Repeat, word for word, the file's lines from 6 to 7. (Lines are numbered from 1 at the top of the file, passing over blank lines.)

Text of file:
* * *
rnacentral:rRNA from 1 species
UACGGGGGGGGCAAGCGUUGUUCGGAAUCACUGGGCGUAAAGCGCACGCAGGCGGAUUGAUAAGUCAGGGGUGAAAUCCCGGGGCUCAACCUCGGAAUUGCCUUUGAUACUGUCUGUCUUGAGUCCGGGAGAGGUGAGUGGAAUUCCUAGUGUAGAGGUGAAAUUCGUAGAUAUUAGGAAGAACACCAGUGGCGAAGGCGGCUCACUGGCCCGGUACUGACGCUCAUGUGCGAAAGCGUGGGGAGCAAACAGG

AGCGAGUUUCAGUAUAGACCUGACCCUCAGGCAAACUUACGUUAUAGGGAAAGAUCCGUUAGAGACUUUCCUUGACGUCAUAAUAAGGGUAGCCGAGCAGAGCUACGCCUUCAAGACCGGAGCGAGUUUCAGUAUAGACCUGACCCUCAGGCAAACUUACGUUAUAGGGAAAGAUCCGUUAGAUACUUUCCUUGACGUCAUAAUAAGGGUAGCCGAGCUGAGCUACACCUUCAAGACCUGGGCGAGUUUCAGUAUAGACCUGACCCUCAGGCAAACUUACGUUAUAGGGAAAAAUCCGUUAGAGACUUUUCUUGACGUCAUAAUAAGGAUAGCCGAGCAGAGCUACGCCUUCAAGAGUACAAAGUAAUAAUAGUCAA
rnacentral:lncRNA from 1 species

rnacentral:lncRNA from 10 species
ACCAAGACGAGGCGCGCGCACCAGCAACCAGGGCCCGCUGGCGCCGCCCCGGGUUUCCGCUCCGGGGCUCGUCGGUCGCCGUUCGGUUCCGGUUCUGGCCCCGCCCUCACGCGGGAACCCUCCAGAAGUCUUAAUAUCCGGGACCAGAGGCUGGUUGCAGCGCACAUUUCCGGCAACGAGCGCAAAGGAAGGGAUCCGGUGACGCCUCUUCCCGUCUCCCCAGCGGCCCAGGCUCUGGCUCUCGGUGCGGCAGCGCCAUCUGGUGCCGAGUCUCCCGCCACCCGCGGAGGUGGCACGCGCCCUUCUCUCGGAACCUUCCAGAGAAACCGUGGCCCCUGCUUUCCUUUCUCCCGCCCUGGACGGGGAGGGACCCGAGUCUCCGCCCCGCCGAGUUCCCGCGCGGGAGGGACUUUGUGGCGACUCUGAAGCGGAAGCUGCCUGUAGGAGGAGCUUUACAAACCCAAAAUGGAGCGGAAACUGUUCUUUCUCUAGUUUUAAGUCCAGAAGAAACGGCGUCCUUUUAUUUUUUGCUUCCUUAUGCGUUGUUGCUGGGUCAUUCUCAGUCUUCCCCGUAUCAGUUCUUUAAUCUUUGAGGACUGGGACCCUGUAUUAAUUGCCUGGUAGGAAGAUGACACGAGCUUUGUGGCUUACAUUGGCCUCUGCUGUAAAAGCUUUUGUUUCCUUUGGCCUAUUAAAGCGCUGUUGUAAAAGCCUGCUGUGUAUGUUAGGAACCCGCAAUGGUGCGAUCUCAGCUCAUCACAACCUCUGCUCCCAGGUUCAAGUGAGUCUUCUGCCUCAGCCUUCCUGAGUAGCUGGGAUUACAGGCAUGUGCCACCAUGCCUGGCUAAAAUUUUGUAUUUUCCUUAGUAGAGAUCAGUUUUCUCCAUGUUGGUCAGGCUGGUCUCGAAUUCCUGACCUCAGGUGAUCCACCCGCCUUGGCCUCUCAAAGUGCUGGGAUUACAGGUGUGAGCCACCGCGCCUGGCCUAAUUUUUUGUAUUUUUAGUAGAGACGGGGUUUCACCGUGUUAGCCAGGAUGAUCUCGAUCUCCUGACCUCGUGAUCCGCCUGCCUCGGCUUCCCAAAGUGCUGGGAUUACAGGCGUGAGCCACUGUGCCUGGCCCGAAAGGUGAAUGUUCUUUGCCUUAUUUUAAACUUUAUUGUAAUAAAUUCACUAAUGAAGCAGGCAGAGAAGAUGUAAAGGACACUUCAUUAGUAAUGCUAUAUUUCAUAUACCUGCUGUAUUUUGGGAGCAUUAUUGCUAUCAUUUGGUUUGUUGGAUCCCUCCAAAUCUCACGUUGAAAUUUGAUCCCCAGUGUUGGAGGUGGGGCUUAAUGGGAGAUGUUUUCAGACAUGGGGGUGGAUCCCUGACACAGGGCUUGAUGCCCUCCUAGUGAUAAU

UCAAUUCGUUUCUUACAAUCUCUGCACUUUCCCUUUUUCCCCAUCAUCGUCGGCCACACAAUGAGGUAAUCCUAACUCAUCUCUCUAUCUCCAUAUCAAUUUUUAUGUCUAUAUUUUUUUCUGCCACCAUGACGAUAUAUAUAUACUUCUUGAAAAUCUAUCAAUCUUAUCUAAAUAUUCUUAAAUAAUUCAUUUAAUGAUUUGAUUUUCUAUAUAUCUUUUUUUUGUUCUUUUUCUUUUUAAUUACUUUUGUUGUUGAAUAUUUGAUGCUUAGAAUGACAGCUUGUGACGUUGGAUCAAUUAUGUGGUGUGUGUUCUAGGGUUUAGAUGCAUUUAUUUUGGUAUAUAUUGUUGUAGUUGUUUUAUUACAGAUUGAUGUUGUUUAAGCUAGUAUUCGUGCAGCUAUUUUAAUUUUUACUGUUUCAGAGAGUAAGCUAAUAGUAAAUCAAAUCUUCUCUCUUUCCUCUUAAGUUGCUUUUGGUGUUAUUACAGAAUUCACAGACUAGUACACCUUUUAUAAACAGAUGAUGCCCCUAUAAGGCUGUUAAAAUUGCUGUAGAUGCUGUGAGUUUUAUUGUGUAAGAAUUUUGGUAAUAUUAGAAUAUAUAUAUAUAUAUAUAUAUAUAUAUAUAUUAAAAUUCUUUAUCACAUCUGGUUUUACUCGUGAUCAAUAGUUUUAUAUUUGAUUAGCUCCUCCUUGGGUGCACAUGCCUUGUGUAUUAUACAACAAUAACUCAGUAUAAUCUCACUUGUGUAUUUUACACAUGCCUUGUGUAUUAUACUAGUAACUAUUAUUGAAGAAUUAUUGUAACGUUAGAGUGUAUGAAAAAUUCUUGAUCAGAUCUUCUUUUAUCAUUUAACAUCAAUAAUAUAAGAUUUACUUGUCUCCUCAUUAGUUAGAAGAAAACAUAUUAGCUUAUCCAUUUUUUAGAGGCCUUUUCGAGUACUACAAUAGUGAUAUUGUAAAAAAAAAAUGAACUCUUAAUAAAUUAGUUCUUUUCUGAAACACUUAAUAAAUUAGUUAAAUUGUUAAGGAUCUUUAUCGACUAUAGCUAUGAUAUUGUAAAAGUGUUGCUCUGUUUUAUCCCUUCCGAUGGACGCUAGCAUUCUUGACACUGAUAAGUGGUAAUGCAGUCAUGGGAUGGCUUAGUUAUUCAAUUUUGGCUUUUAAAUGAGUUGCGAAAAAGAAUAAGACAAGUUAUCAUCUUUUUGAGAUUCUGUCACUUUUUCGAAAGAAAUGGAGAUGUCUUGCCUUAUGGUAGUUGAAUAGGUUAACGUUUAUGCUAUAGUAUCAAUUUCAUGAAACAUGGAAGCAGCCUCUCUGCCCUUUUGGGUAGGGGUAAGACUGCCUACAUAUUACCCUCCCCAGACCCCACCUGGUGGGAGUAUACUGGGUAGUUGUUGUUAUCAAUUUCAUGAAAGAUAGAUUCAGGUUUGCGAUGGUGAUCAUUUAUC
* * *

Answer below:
ACCAAGACGAGGCGCGCGCACCAGCAACCAGGGCCCGCUGGCGCCGCCCCGGGUUUCCGCUCCGGGGCUCGUCGGUCGCCGUUCGGUUCCGGUUCUGGCCCCGCCCUCACGCGGGAACCCUCCAGAAGUCUUAAUAUCCGGGACCAGAGGCUGGUUGCAGCGCACAUUUCCGGCAACGAGCGCAAAGGAAGGGAUCCGGUGACGCCUCUUCCCGUCUCCCCAGCGGCCCAGGCUCUGGCUCUCGGUGCGGCAGCGCCAUCUGGUGCCGAGUCUCCCGCCACCCGCGGAGGUGGCACGCGCCCUUCUCUCGGAACCUUCCAGAGAAACCGUGGCCCCUGCUUUCCUUUCUCCCGCCCUGGACGGGGAGGGACCCGAGUCUCCGCCCCGCCGAGUUCCCGCGCGGGAGGGACUUUGUGGCGACUCUGAAGCGGAAGCUGCCUGUAGGAGGAGCUUUACAAACCCAAAAUGGAGCGGAAACUGUUCUUUCUCUAGUUUUAAGUCCAGAAGAAACGGCGUCCUUUUAUUUUUUGCUUCCUUAUGCGUUGUUGCUGGGUCAUUCUCAGUCUUCCCCGUAUCAGUUCUUUAAUCUUUGAGGACUGGGACCCUGUAUUAAUUGCCUGGUAGGAAGAUGACACGAGCUUUGUGGCUUACAUUGGCCUCUGCUGUAAAAGCUUUUGUUUCCUUUGGCCUAUUAAAGCGCUGUUGUAAAAGCCUGCUGUGUAUGUUAGGAACCCGCAAUGGUGCGAUCUCAGCUCAUCACAACCUCUGCUCCCAGGUUCAAGUGAGUCUUCUGCCUCAGCCUUCCUGAGUAGCUGGGAUUACAGGCAUGUGCCACCAUGCCUGGCUAAAAUUUUGUAUUUUCCUUAGUAGAGAUCAGUUUUCUCCAUGUUGGUCAGGCUGGUCUCGAAUUCCUGACCUCAGGUGAUCCACCCGCCUUGGCCUCUCAAAGUGCUGGGAUUACAGGUGUGAGCCACCGCGCCUGGCCUAAUUUUUUGUAUUUUUAGUAGAGACGGGGUUUCACCGUGUUAGCCAGGAUGAUCUCGAUCUCCUGACCUCGUGAUCCGCCUGCCUCGGCUUCCCAAAGUGCUGGGAUUACAGGCGUGAGCCACUGUGCCUGGCCCGAAAGGUGAAUGUUCUUUGCCUUAUUUUAAACUUUAUUGUAAUAAAUUCACUAAUGAAGCAGGCAGAGAAGAUGUAAAGGACACUUCAUUAGUAAUGCUAUAUUUCAUAUACCUGCUGUAUUUUGGGAGCAUUAUUGCUAUCAUUUGGUUUGUUGGAUCCCUCCAAAUCUCACGUUGAAAUUUGAUCCCCAGUGUUGGAGGUGGGGCUUAAUGGGAGAUGUUUUCAGACAUGGGGGUGGAUCCCUGACACAGGGCUUGAUGCCCUCCUAGUGAUAAU

UCAAUUCGUUUCUUACAAUCUCUGCACUUUCCCUUUUUCCCCAUCAUCGUCGGCCACACAAUGAGGUAAUCCUAACUCAUCUCUCUAUCUCCAUAUCAAUUUUUAUGUCUAUAUUUUUUUCUGCCACCAUGACGAUAUAUAUAUACUUCUUGAAAAUCUAUCAAUCUUAUCUAAAUAUUCUUAAAUAAUUCAUUUAAUGAUUUGAUUUUCUAUAUAUCUUUUUUUUGUUCUUUUUCUUUUUAAUUACUUUUGUUGUUGAAUAUUUGAUGCUUAGAAUGACAGCUUGUGACGUUGGAUCAAUUAUGUGGUGUGUGUUCUAGGGUUUAGAUGCAUUUAUUUUGGUAUAUAUUGUUGUAGUUGUUUUAUUACAGAUUGAUGUUGUUUAAGCUAGUAUUCGUGCAGCUAUUUUAAUUUUUACUGUUUCAGAGAGUAAGCUAAUAGUAAAUCAAAUCUUCUCUCUUUCCUCUUAAGUUGCUUUUGGUGUUAUUACAGAAUUCACAGACUAGUACACCUUUUAUAAACAGAUGAUGCCCCUAUAAGGCUGUUAAAAUUGCUGUAGAUGCUGUGAGUUUUAUUGUGUAAGAAUUUUGGUAAUAUUAGAAUAUAUAUAUAUAUAUAUAUAUAUAUAUAUAUUAAAAUUCUUUAUCACAUCUGGUUUUACUCGUGAUCAAUAGUUUUAUAUUUGAUUAGCUCCUCCUUGGGUGCACAUGCCUUGUGUAUUAUACAACAAUAACUCAGUAUAAUCUCACUUGUGUAUUUUACACAUGCCUUGUGUAUUAUACUAGUAACUAUUAUUGAAGAAUUAUUGUAACGUUAGAGUGUAUGAAAAAUUCUUGAUCAGAUCUUCUUUUAUCAUUUAACAUCAAUAAUAUAAGAUUUACUUGUCUCCUCAUUAGUUAGAAGAAAACAUAUUAGCUUAUCCAUUUUUUAGAGGCCUUUUCGAGUACUACAAUAGUGAUAUUGUAAAAAAAAAAUGAACUCUUAAUAAAUUAGUUCUUUUCUGAAACACUUAAUAAAUUAGUUAAAUUGUUAAGGAUCUUUAUCGACUAUAGCUAUGAUAUUGUAAAAGUGUUGCUCUGUUUUAUCCCUUCCGAUGGACGCUAGCAUUCUUGACACUGAUAAGUGGUAAUGCAGUCAUGGGAUGGCUUAGUUAUUCAAUUUUGGCUUUUAAAUGAGUUGCGAAAAAGAAUAAGACAAGUUAUCAUCUUUUUGAGAUUCUGUCACUUUUUCGAAAGAAAUGGAGAUGUCUUGCCUUAUGGUAGUUGAAUAGGUUAACGUUUAUGCUAUAGUAUCAAUUUCAUGAAACAUGGAAGCAGCCUCUCUGCCCUUUUGGGUAGGGGUAAGACUGCCUACAUAUUACCCUCCCCAGACCCCACCUGGUGGGAGUAUACUGGGUAGUUGUUGUUAUCAAUUUCAUGAAAGAUAGAUUCAGGUUUGCGAUGGUGAUCAUUUAUC